Ryan Dagur, Jakarta
Updated: September 02, 2021 09:26 AM GMT
Sorong district head Johny Kamuru speaks during a press conference on Sept. 1 about a lawsuit against him by three palm oil companies whose licenses he had revoked. (Photo: YouTube)
A group of Papuan priests have joined activists to support a district head who is being sued for revoking palm oil companies’ licenses and returning land to indigenous people.
In a statement, the priests from Manokwari-Sorong Diocese in West Papua said they fully support Sorong district head Johny Kamuru, who revoked the permits of four palm oil companies “to save the forests and lands inherited by the Moi tribe” who live around the companies’ concessions.
“The life of the Moi people today is inseparable from their ancestral land. For them, land does not only have an economic meaning, it also has a spiritual meaning," they said.
Kamuru was reported to the Jayapura State Administrative Court last month by three of four companies — PT Cipta Papua Plantation, PT Papua Lestari Abadi, PT Sorong Agro Sawitindo and PT Inti Kebun Lestari — whose licenses were revoked in April. Their permits issued from 2009-19 have a total concession of 105,702 hectares.
Kamuru said on Sept. 1 that he was not afraid of facing the lawsuit as his decision was taken after he consulted with the provincial government and the Corruption Eradication Commission and the permits were not used properly.
"Of the thousands of hectares of their concessions, only a few hectares are used for oil palm plantations. They only use it as collateral to get loans from banks. In fact, indigenous people need land," he said.
He hoped that other leaders in Papua will be bold enough to adopt the same policy as Kamuru
He said the land would automatically be returned to the indigenous people.
Father Izaak Bame, spokesman for the priests, said the court needed to uphold the right to life as part of the Moi people's human rights.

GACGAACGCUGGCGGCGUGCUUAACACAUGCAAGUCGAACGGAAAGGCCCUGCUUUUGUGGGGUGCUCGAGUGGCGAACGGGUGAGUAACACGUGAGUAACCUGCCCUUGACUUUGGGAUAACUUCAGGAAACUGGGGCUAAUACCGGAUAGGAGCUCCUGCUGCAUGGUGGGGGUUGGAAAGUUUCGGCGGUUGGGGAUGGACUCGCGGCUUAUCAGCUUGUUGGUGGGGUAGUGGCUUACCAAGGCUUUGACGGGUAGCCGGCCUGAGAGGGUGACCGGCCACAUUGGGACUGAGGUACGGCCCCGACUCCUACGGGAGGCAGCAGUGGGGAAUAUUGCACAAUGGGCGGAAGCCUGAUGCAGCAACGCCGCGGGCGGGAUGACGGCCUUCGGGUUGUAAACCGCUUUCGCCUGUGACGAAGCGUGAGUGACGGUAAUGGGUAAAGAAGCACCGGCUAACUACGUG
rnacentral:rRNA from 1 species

He said their voices were inspired by Laudato Si', Pope Francis' encyclical on the environment which views the earth as a common home.
“Laudato Si' emphasized that the land and the forest and everything that lives in them is a picture of the face of God who is loving, amazing, enchanting and full of mystery,” he said,
He hoped that other leaders in Papua will be bold enough to adopt the same policy as Kamuru.
The district head’s decision has received wide support from rights activists, including 25 organizations of the Coalition of Civil Society Networks for Papua.
In a statement, they said Kamuru's move was a form of responsibility to prioritize the interests of the rights of indigenous Papuans in maintaining natural sustainability.
"We support this decision and at the same time call for the repeal of various government policies that prioritize the interests of corporations and large investors in Papua and ignore respect for the rights of indigenous Papuans," they said.
Meanwhile, an online petition on change.org to support the district head has already garnered more than 32,000 signatures.
….as we enter the last months of 2021, we are asking readers like you to help us keep UCA News free.
For the last 40 years, UCA News has remained the most trusted and independent Catholic news and information service from Asia. Every week, we publish nearly 100 news reports, feature stories, commentaries, podcasts and video broadcasts that are exclusive and in-depth, and developed from a view of the world and the Church through informed Catholic eyes.
Our journalistic standards are as high as any in the quality press; our focus is particularly on a fast-growing part of the world - Asia - where, in some countries the Church is growing faster than pastoral resources can respond to – South Korea, Vietnam and India to name just three.
And UCA News has the advantage of having in its ranks local reporters who cover 23 countries in south, southeast, and east Asia. We report the stories of local people and their experiences in a way that Western news outlets simply don’t have the resources to reach. And we report on the emerging life of new Churches in old lands where being a Catholic can at times be very dangerous.
With dwindling support from funding partners in Europe and the USA, we need to call on the support of those who benefit from our work.